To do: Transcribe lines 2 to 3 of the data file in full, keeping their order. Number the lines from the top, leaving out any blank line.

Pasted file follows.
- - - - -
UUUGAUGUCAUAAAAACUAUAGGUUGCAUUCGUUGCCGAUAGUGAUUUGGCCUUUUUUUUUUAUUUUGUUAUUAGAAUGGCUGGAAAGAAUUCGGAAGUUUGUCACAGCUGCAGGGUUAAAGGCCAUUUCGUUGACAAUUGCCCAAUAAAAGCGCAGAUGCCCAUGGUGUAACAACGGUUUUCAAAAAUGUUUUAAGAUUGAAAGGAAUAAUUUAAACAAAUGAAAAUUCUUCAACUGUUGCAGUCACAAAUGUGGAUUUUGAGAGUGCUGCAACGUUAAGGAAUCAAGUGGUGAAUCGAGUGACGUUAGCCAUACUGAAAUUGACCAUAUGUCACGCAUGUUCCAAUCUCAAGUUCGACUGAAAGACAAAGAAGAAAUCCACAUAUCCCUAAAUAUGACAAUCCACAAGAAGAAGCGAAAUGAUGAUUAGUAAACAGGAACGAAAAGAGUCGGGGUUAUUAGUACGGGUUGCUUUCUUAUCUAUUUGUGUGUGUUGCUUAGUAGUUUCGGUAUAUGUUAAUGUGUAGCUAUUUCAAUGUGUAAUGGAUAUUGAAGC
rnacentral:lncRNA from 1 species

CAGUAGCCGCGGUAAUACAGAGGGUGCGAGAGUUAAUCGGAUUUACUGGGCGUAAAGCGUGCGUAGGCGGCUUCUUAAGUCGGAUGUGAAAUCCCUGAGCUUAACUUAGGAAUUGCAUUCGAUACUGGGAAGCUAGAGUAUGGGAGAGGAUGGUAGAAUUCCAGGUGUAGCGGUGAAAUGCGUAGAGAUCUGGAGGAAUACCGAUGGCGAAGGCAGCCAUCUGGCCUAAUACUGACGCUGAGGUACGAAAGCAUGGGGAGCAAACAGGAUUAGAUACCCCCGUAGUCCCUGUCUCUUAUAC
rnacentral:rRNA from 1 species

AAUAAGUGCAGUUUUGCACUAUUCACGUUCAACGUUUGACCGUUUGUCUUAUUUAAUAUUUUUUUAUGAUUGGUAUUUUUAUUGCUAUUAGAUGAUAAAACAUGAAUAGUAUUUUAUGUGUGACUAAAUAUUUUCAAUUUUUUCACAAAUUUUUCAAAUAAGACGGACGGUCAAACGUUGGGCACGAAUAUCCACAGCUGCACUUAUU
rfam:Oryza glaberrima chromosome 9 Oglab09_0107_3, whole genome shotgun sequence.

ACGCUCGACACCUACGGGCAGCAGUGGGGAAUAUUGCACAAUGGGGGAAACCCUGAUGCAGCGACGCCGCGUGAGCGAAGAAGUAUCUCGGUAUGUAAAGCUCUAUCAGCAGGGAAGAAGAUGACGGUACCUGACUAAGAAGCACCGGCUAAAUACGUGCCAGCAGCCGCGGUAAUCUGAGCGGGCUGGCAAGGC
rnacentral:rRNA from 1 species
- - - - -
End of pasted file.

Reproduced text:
rnacentral:lncRNA from 1 species

CAGUAGCCGCGGUAAUACAGAGGGUGCGAGAGUUAAUCGGAUUUACUGGGCGUAAAGCGUGCGUAGGCGGCUUCUUAAGUCGGAUGUGAAAUCCCUGAGCUUAACUUAGGAAUUGCAUUCGAUACUGGGAAGCUAGAGUAUGGGAGAGGAUGGUAGAAUUCCAGGUGUAGCGGUGAAAUGCGUAGAGAUCUGGAGGAAUACCGAUGGCGAAGGCAGCCAUCUGGCCUAAUACUGACGCUGAGGUACGAAAGCAUGGGGAGCAAACAGGAUUAGAUACCCCCGUAGUCCCUGUCUCUUAUAC